Throwing a Lifeline to Indiana College Students 

Throwing a Lifeline to Indiana College Students 

By Merillat Flowers, Senior Director of Talent Programs & Team Development, TechPoint

As the world continues to recover from the COVID-19 pandemic, few organizations are thinking about the thousands of college students whose summer internships were among the millions of dollars in budget cuts.

TechPoint, though, was focused on those losses early on and remained so because providing the state’s tech sector with a steady influx of fresh and energetic new talent is a major part of its mission. The internships are not just good for the students, giving them wages as well as insights into whether they’d chosen their career fields wisely. They’re also good for employers, giving them a leg up on recruiting new young workers while also showcasing leadership skills among those who manage the temporary talent.

Prior to shelter-in-place orders being contemplated in Indiana, the TechPoint Talent Team was going about its normal Q1 and Q2 prep work for the seventh edition of our Xtern program, which places nearly 200 Indiana college students in tech internships for the summer and has proven to be not just a talent pipeline, but an image enhancer for the state. When tech companies in March reluctantly started revoking their Xtern offers, the TechPoint team went to work on a backup plan.

A plan initially designed to help the 80 or so displaced Xterns rapidly expanded to embrace more than 400 additional college students.

The result was the Summer Opportunities for Students, or S.O.S. Challenge that provided $250,000 in stipends and 5-weeks of work experience to 500 students from Indiana colleges and universities.  The students worked in teams on a COVID-related challenge, earned $500 each and an item on their resume that may not fully replace a traditional summer internship, but should be enough to catch any employers’ eye.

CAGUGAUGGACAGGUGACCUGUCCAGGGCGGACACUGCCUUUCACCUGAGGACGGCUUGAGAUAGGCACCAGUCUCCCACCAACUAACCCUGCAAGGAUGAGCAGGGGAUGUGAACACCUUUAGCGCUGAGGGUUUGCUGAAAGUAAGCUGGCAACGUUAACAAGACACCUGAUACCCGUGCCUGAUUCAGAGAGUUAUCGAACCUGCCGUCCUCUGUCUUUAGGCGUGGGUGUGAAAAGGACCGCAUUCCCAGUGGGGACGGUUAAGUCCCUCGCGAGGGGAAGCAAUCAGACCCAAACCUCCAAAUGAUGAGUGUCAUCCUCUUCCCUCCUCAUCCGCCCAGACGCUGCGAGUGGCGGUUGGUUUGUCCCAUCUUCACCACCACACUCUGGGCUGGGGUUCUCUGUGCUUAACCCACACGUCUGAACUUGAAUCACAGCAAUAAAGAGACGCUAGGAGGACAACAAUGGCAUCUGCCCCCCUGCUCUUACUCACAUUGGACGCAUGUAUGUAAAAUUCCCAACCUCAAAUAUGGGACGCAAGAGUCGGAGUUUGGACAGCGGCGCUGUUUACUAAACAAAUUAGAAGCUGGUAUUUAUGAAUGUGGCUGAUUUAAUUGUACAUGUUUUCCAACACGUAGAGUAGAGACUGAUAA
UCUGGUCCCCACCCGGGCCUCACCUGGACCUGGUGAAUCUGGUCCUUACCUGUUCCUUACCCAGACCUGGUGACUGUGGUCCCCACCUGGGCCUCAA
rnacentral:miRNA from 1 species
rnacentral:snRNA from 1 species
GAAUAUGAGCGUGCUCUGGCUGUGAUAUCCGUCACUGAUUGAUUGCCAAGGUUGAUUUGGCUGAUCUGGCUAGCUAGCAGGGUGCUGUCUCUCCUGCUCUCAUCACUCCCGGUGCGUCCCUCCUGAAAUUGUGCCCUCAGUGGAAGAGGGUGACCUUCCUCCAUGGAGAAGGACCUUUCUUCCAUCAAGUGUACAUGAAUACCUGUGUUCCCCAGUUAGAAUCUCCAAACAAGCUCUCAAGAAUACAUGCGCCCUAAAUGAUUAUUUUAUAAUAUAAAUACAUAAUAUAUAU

And for a few of the teams, even more. The best performing teams — as judged by a panel of subject matter experts and Governor Eric Holcomb — will share in a $25,000 prize purse.

The S.O.S. Challenge was supported with existing Lilly Endowment funds allocated to the TechPoint talent programs and supported by 200 volunteer team “coaches” from about 50 Indiana tech companies ranging from the long established Angie’s List to newcomers like U.Group.  S.O.S. Challenge students met virtually with tech leaders, got a virtual introduction to Indianapolis and engaged in professional development experiences that prepared them to land a job in the future.

Teams were asked to focus on areas such as the workplace and work-from-home environments, telehealth, sports and entertainment events, e-learning, or community-based organizations and to prepare a product prototype and go-to-market plan that can help address solutions to COVID-related problems or that can create new opportunities.

While the strategy was born out of the pandemic, the S.O.S. Challenge provided our organization and the community an opportunity to engage with talent in a new way. We are excited to evaluate this innovative approach as part of our ongoing talent-focused offerings. Indiana continues to prove that by facing challenges together, and head on. By continuing to work together and overcoming obstacles in innovative ways, we’re confident that Indiana will become the country’s next major tech hub.

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Category Features, Last Word